There’s something about red balloons. A big bouquet of colorful balloons is pretty amazing, especially from the point of view of a toddler. But red, sigh. I’ve noticed that several of Sparkle Girl’s cartoons have episodes that feature red balloons. They carry hapless critters away to magical adventures. The other colors are fun, but red contains all the promise contained in an over active imagination.
I have a clear memory from when I was about my girlie’s age. My parents had gone out and left my sister and me at some sort of organized babysitting event at a child care center. Since we lived on a military base in Japan, it was probably set up for the event. We were given balloons on our way out the door. Mine was red.
When my parents came to pick us up they were with friends of theirs. Somewhere on the way to the car that precious balloon escaped my grasp. I have a very clear mental image of watching that red balloon float up and up, higher into the starry night.
My parents’ friend Jim was (and is) a tall, tall man. I turned and asked him to get it for me. From my 3 year old perspective a man well over 6 feet tall should have easily been able to reach up into the stars and grab that string for me. I found it inconceivable that he couldn’t do it. I remember the adults all chuckling at the request. I think they were even reaching up as if they could get that red balloon. It seemed impossible to me that it was beyond his giant reach.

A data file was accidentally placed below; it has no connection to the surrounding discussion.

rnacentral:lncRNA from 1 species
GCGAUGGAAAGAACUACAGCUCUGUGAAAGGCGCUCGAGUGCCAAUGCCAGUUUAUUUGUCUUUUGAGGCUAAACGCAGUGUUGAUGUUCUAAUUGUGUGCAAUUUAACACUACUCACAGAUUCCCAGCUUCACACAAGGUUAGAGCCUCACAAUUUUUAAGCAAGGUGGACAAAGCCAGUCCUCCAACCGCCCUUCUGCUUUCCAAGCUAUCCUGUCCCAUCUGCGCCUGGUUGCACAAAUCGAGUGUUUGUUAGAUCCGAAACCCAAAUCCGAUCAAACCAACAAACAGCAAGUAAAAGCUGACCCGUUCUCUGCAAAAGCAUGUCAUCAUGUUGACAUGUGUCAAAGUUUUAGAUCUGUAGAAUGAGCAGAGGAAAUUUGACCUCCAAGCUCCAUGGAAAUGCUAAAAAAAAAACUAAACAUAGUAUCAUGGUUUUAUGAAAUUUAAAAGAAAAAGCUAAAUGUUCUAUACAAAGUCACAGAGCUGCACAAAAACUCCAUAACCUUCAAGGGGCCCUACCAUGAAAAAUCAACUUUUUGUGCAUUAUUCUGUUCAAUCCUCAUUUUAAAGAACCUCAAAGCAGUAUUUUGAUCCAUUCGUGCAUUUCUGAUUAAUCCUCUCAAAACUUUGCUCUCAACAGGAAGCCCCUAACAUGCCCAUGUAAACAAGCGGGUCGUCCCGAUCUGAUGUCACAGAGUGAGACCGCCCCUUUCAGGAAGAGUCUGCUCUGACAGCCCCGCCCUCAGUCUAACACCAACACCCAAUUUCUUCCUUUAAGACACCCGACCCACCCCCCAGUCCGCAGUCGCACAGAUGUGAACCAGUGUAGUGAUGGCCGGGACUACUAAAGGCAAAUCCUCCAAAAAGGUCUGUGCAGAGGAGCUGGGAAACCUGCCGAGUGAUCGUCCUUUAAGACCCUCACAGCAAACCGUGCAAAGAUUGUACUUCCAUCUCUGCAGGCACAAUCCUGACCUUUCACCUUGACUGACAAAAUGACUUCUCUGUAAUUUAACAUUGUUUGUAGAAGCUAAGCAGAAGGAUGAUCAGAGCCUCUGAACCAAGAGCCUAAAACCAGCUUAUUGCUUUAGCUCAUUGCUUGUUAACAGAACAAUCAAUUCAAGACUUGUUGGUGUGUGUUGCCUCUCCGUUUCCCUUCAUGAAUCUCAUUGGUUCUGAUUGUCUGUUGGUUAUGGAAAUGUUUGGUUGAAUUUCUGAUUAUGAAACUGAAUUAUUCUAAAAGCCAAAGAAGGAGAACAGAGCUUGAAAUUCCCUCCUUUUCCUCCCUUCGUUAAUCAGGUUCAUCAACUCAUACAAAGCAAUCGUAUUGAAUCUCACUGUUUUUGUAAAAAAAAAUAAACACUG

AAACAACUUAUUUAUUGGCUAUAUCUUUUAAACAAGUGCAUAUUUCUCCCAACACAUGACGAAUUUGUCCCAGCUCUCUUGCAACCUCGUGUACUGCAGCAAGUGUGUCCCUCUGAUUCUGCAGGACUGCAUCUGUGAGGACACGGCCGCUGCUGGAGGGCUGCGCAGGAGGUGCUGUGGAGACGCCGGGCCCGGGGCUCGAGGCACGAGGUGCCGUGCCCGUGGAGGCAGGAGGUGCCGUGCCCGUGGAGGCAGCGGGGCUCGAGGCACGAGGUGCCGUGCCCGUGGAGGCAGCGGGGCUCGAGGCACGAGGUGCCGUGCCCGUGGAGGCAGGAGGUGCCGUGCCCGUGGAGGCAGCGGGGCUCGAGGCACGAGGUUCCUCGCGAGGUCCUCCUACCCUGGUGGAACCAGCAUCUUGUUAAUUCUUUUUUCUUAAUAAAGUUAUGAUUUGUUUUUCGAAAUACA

It was my first realization that adults are fallible. Prior to that I had no idea that there were actually things adults couldn’t do. That they weren’t super-human.
It’s hard to keep this perspective in mind with my own child. She sees her father and me as giant people with amazing strength and the ability to do or fix anything. Same goes for the kids at our Co-Op preschool. When we can’t do something it’s not just an inconvenience for them. They really think we can put the toothpaste back in the tube, fix the most broken of toys, make bananas appear out of thin air, re-inflate a popped balloon. A well stocked diaper bag packed with an adult’s experience and forethought seems much like Mary Poppins’ magic carpet bag. Our inability to satisfy the most extravagant request puts a crack in their world view. They rely on our super-humanness as reassurance that they are safe. That makes it extremely important that we are as kind and patient as possible in these circumstances.
Sparkle Girl and I were at a birthday party this past Saturday. Balloons! Balloons! Epic fun. Although the one she brought home was orange. When I was dropping her off yesterday at the same location as the party she grinned a giant grin and shouted “BAWOONS!” I had to tell her that they were all gone. I’m sure she found that completely impossible.